Since when did epic storytelling get so bloody boring? I blame Gladiator, which took heroic set pieces and a grand, historical context, only to force the viewer to wade through overwrought melodrama at the climax. Then take Troy, which sapped the Iliad‘s godliness in favour of dull humanity, or Robin Hood, Ridley Scott’s attempt to retell folklore without a shred of humour or charm.
But it’s with a particular sadness that we welcome Goemon, a Japanese film that is nothing but a dull fantasy-historical misfire.
Taking cues from the life of the country’s own Robin Hood-like legend, Ishikawa Goemon, writer-director Kiriya Kazuaki paints broad strokes with CG imagery, building up a lavish representation of 16th century Japan.
Against a backdrop of civil war, where various clans tussle for power, Goemon plays the thief, stealing from the rich for the benefit of the poor, both as folk hero entertainment and as a wealth-sharing trickster. In a cheeky opening sequence, Goemon fumbles a job, only to dash across city rooftops during a magnificent fireworks display, with the acrobatic chase eliciting cheers from an enthralled audience.
However, before long, the film’s narrative grinds into gear, bringing with it multiple layers of overcomplicated intrigue, conflict and anguish, as Goemon matches pace with grand historical events. Such a shift is to be expected, but it is at the expense of the opening’s innocent charm and humour.
Goemon, you see, was orphaned at a young age. However, he escaped the bloodbath that took his family, and was eventually adopted by Nobunaga Oda, a warlord who hopes to unify Japan. Under the tutelage of Nobunaga, and mythical swordsman Hanzo Hattori, Goemon became a topnotch ninja, but, after his master was assassinated, he turned rogue.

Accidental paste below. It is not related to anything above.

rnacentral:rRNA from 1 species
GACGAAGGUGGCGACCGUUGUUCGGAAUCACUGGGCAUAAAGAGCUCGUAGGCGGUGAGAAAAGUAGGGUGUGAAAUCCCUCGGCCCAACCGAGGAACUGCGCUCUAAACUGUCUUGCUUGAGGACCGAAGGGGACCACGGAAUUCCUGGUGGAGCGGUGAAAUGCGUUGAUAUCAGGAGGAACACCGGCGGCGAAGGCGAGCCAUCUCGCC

Goemon tries to tell an intricate story that gives its historical background a hyper-real, CG-swathed potency. However, the direction is far too blunt, and the script lacks any storytelling skill, as the whole second act is given over to a series of long, tedious flashbacks, which are supposed to lend backstory and coherence, but instead pile on unwieldy subplots.
Need we have a romance? Or a tale of two companions found opposed to each other?
Goemon has trouble setting up its own central plot of conspiracy (spoiler: the decadent megalomaniac is the bad guy), while giving its protagonist an unconvincing character arc of destiny, responsibility and revenge. And even though lead actor Eguchi Yosuke is joyous when he’s preening and winking, he’s soap opera hammy when tasked with drama.
Goemon is doomed the moment it ditches the sense of the carnivalesque. It suffers from an identity crisis, junking the free flowing imagination of anime (which, following on from Kiriya’s Casshern, it is, no doubt, influenced by) in favour of high register drama.
But its murky colour palette, incongruous operatic rock soundtrack, and the CGI (award-winning in Japan, but blocky in the potentially DVD-sourced screening) recall a cheap videogame cutscene from a decade ago. And, ultimately, it lacks the poise and balletic grace, not to mention the sumptuous, bold cinematography, of Chinese historical drama, such as Hero or House Of Flying Daggers.
By mixing up its legendary protagonist with pretensions of grandeur, Goemon fails to communicate the character’s importance, and turns a particularly fascinating era of Japanese history into bloated pomp.
For a better, more irreverent and, importantly, fun look at Goemon, track down the Mystical Ninja Starring Goemon N64 videogame. Thanks to its surreal humour and minimal plot, it leaves its cinematic counterpart in the dust.
Goemon is in UK cinemas from 23rd July 2010.